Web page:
Yes, you can paint treated wood! But, the process of painting treated wood is not quite as straightforward as it seems.
This short article and video from The Honest Carpenter will teach you the tips you need to know in order to paint your treated wood projects more effectively!
(The following content contains some affiliate links.)
Suggested Tools & Materials:
These affordable synthetic filament brushes have an unbeatable price line!
Kilz Primer is the best primer on the market:
What Is Treated Wood?
“Treated wood” is a term used to describe wood that has been subjected to a chemical preservative process. Typically, treated wood is often the exact same type or species of untreated lumber that is available wherever you’re purchasing it.
Treated wood has been impregnated with waterborne preservative in a pressurized cylinder. These preservatives penetrate deep into the cellular structure of the wood, leaving behind a chemical residue that prevents fungi from infesting it.
(The chemicals used in the treatment process have been subject of some debate for the last thirty years. For a quick explanation of treated wood toxicity, check out our video about how to make raised garden beds!)
Can You Paint Treated Wood?
The answer is: YES, you can absolutely paint treated wood!
But, the catch is that you should not paint treated wood too soon after it has been purchased.
Treated wood is shipped while still “wet.” The liquid chemical preservatives are still present in the lumber, causing it to feel extremely heavy, and damp to the touch.
If you paint treated wood while it is still wet, your coat of primer or paint will most likely be rejected by the water-borne chemicals slowly bleeding their way out of the lumber.
So, how can you avoid this?
Give Treated Wood Time To Dry
Treated wood needs time to dry out slowly. This is a process that will occur naturally as the liquid preservative works its way back to the surface of the wood.
But, how quickly does this occur? It depends…
A variety of factors can cause treated wood to dry quickly or slowly. Exposure to heat and sunlight will often dry treated wood rapidly (but, this can also cause unexpected warp!) Damp and dark conditions can cause treated wood to stay wet for a long time.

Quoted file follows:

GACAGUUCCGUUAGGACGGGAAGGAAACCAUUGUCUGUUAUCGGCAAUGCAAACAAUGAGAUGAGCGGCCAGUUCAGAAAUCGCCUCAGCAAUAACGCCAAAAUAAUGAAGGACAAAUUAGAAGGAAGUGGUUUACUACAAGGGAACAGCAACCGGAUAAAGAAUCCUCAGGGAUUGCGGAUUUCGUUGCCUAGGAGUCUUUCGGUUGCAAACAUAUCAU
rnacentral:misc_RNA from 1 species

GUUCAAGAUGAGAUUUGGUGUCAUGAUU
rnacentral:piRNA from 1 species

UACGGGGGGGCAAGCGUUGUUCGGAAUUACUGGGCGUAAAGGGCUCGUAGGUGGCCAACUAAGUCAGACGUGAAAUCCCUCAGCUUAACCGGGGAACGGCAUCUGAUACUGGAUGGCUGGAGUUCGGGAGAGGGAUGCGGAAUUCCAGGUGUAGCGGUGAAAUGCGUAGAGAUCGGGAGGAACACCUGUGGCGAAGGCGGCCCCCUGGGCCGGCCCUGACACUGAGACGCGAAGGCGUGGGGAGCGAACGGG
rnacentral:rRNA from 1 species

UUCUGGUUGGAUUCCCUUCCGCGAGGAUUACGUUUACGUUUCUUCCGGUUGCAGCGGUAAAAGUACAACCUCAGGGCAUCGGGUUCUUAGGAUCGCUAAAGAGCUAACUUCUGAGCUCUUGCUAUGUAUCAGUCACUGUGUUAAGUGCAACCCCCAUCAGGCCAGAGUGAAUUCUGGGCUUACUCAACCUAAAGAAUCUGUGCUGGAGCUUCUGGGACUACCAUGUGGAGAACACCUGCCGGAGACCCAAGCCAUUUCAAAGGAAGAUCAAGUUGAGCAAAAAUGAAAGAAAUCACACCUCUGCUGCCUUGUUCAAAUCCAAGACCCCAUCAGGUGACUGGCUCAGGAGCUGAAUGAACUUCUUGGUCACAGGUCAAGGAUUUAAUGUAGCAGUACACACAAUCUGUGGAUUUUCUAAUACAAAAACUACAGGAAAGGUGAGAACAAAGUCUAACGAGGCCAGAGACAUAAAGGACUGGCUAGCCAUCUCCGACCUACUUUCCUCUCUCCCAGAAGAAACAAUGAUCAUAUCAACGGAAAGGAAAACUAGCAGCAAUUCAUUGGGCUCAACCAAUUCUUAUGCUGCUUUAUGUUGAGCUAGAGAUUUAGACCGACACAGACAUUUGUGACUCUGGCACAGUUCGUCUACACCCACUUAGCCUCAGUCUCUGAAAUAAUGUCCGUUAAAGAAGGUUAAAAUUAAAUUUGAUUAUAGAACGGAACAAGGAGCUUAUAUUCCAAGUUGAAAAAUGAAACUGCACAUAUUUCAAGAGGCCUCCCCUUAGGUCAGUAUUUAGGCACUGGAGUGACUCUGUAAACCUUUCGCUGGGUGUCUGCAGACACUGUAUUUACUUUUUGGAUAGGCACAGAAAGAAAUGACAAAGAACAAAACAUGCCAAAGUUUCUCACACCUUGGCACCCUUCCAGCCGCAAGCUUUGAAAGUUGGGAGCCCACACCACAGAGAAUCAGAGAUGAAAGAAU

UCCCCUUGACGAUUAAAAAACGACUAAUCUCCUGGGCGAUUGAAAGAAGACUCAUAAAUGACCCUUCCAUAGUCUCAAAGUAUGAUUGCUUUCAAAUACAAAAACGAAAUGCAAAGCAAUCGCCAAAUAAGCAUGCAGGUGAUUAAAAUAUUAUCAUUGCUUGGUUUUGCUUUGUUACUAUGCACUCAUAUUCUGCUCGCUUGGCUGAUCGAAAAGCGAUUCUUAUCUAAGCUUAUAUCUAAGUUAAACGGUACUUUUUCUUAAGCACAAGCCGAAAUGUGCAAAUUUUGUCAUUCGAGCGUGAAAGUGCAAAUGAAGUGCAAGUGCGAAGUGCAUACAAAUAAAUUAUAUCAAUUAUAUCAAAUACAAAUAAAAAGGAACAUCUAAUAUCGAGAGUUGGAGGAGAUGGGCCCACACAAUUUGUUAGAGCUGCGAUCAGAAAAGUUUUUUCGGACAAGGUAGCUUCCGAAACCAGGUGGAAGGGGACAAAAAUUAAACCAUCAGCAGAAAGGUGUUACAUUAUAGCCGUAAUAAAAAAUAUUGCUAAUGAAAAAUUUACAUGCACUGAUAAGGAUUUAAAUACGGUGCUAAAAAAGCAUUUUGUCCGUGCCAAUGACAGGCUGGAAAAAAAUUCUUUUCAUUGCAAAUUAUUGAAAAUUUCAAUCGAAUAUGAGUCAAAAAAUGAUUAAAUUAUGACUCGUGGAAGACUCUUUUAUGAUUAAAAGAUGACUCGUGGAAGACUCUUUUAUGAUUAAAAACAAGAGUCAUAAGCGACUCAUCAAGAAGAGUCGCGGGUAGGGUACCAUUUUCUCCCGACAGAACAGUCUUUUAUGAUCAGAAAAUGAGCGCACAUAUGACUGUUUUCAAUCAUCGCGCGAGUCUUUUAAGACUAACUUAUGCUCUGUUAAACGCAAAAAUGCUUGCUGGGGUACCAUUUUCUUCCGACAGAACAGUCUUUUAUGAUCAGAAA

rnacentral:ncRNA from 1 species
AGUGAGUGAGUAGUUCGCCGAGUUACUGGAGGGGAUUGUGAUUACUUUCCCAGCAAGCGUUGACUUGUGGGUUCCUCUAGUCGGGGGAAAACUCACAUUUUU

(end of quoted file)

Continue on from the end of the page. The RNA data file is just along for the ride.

Generally speaking, though, treated wood will dry out naturally in about 2-3 weeks.
Sometimes, pieces of treated wood will even lie on the lumberyard racks long enough to begin drying out on their own. Carpenters refer to this wood as being “shop dry.”
How Do You Know If Treated Wood Is Ready To Paint?
A quick test will usually let you know whether your treated wood is ready to paint.
Just dab a few drops of water onto your treated wood. If the water soaks into the wood pores, then the treated wood is dry enough to paint. However, if the water beads on the surface, you probably still need to wait a little longer.
Also, dry treated lumber will take on a light yellow-brown color. Wet treated wood, on the other hand, will be surprisingly green and dark.
How To Paint Treated Wood
Once your treated wood is dry, the painting process is very similar to painting untreated wood.
Always be sure to use a good exterior-grade primer on your treated wood first. (This layer of primer acts as an essential bonding agent between paint and lumber.)
Then, once your primer is dry, use a brush, roller or paint spray rig to apply even coats of paint to your project. Be sure to let each coat dry before the next is applied. And, if you can, lightly sand with 220-grit/extra fine sandpaper between each coat. This will create better paint adhesion!